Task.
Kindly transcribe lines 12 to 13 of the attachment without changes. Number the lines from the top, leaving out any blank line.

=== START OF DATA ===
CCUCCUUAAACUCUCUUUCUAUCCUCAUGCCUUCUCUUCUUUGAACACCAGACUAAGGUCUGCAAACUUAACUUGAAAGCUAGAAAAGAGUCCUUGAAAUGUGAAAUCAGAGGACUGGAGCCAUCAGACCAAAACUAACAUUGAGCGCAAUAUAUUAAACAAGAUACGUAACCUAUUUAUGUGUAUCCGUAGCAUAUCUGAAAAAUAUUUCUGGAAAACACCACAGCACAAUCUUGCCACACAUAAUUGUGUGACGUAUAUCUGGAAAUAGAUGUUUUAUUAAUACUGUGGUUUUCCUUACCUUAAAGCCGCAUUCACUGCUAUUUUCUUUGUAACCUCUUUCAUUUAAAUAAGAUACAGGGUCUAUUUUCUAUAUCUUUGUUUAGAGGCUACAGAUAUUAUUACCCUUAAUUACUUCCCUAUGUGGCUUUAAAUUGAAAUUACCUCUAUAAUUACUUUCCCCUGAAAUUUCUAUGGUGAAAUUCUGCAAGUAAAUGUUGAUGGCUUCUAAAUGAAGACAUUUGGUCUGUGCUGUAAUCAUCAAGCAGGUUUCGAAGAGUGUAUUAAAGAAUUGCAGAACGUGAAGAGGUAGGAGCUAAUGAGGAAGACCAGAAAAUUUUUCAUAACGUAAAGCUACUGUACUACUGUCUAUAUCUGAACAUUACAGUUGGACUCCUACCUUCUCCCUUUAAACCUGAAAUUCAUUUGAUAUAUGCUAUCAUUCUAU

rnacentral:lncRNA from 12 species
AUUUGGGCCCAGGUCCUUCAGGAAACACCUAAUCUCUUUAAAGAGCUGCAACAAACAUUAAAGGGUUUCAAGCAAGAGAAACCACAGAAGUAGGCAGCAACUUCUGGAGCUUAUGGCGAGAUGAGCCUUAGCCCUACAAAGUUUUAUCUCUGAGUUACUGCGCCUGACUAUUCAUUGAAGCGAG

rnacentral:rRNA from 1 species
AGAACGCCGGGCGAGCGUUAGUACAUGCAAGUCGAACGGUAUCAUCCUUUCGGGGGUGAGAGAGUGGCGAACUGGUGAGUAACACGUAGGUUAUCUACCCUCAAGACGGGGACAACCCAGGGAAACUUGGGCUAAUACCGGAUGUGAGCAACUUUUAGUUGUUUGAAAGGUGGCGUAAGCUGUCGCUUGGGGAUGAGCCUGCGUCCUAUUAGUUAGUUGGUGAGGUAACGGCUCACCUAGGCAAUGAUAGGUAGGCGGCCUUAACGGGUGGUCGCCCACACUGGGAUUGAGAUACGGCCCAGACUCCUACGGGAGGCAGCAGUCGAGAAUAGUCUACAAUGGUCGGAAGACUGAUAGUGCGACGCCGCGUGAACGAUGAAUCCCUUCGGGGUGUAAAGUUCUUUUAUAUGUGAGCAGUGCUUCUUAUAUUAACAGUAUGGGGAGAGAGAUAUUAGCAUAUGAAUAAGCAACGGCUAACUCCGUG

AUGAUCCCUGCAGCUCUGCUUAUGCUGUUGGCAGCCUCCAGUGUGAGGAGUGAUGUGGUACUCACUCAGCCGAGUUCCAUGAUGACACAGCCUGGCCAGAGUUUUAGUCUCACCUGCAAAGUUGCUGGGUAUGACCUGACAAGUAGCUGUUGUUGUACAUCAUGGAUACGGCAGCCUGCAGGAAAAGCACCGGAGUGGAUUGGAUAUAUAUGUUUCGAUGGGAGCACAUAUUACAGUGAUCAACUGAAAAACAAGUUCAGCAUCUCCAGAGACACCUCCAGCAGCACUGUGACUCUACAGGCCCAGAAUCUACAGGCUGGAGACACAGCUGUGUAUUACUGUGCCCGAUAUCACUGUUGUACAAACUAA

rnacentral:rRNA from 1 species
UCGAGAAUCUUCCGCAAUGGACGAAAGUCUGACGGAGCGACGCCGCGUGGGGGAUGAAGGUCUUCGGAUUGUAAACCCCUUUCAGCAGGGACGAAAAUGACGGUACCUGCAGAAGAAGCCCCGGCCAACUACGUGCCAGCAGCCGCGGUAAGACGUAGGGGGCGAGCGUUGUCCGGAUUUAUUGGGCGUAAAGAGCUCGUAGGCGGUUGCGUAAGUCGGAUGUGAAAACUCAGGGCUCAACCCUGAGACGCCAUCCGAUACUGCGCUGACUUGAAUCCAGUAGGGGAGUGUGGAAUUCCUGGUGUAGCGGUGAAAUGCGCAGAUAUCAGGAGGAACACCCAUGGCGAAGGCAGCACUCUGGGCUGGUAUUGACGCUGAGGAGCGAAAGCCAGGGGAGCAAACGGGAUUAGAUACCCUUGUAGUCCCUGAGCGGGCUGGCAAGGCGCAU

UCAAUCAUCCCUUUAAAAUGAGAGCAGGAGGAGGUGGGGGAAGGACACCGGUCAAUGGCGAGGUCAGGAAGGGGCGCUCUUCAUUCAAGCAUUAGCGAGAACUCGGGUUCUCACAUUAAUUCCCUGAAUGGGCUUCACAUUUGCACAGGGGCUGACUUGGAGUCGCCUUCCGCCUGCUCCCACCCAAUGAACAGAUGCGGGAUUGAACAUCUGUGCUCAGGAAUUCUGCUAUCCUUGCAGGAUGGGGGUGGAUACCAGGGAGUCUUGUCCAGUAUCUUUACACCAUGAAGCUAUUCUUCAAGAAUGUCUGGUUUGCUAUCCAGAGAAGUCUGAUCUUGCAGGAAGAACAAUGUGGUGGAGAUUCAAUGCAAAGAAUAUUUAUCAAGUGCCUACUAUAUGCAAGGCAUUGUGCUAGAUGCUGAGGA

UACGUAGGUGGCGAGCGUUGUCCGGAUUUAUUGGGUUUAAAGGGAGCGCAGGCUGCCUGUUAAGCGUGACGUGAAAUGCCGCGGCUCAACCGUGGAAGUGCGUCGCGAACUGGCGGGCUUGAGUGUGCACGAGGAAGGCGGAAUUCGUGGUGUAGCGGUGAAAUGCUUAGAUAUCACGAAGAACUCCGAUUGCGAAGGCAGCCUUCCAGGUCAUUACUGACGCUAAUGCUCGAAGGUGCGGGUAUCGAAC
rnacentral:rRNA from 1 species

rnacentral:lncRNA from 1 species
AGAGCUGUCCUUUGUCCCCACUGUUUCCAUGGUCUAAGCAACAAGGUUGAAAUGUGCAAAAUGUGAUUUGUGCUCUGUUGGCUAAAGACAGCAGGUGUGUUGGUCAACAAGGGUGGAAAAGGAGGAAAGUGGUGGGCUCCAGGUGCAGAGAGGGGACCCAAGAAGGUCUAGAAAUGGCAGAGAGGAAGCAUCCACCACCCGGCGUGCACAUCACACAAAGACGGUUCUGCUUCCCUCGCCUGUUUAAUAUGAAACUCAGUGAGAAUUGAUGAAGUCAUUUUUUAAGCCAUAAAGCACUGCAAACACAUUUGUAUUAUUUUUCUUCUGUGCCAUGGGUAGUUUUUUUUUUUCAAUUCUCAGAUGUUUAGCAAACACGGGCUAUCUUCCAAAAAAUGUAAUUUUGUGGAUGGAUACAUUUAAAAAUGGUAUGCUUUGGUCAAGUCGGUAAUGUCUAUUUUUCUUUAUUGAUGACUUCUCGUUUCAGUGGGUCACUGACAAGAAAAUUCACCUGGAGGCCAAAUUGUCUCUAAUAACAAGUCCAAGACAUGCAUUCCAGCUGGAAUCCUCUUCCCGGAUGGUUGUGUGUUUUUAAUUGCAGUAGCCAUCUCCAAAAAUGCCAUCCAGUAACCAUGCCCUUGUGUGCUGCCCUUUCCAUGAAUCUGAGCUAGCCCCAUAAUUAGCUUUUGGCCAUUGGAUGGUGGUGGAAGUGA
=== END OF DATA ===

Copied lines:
rnacentral:lncRNA from 1 species
AGAGCUGUCCUUUGUCCCCACUGUUUCCAUGGUCUAAGCAACAAGGUUGAAAUGUGCAAAAUGUGAUUUGUGCUCUGUUGGCUAAAGACAGCAGGUGUGUUGGUCAACAAGGGUGGAAAAGGAGGAAAGUGGUGGGCUCCAGGUGCAGAGAGGGGACCCAAGAAGGUCUAGAAAUGGCAGAGAGGAAGCAUCCACCACCCGGCGUGCACAUCACACAAAGACGGUUCUGCUUCCCUCGCCUGUUUAAUAUGAAACUCAGUGAGAAUUGAUGAAGUCAUUUUUUAAGCCAUAAAGCACUGCAAACACAUUUGUAUUAUUUUUCUUCUGUGCCAUGGGUAGUUUUUUUUUUUCAAUUCUCAGAUGUUUAGCAAACACGGGCUAUCUUCCAAAAAAUGUAAUUUUGUGGAUGGAUACAUUUAAAAAUGGUAUGCUUUGGUCAAGUCGGUAAUGUCUAUUUUUCUUUAUUGAUGACUUCUCGUUUCAGUGGGUCACUGACAAGAAAAUUCACCUGGAGGCCAAAUUGUCUCUAAUAACAAGUCCAAGACAUGCAUUCCAGCUGGAAUCCUCUUCCCGGAUGGUUGUGUGUUUUUAAUUGCAGUAGCCAUCUCCAAAAAUGCCAUCCAGUAACCAUGCCCUUGUGUGCUGCCCUUUCCAUGAAUCUGAGCUAGCCCCAUAAUUAGCUUUUGGCCAUUGGAUGGUGGUGGAAGUGA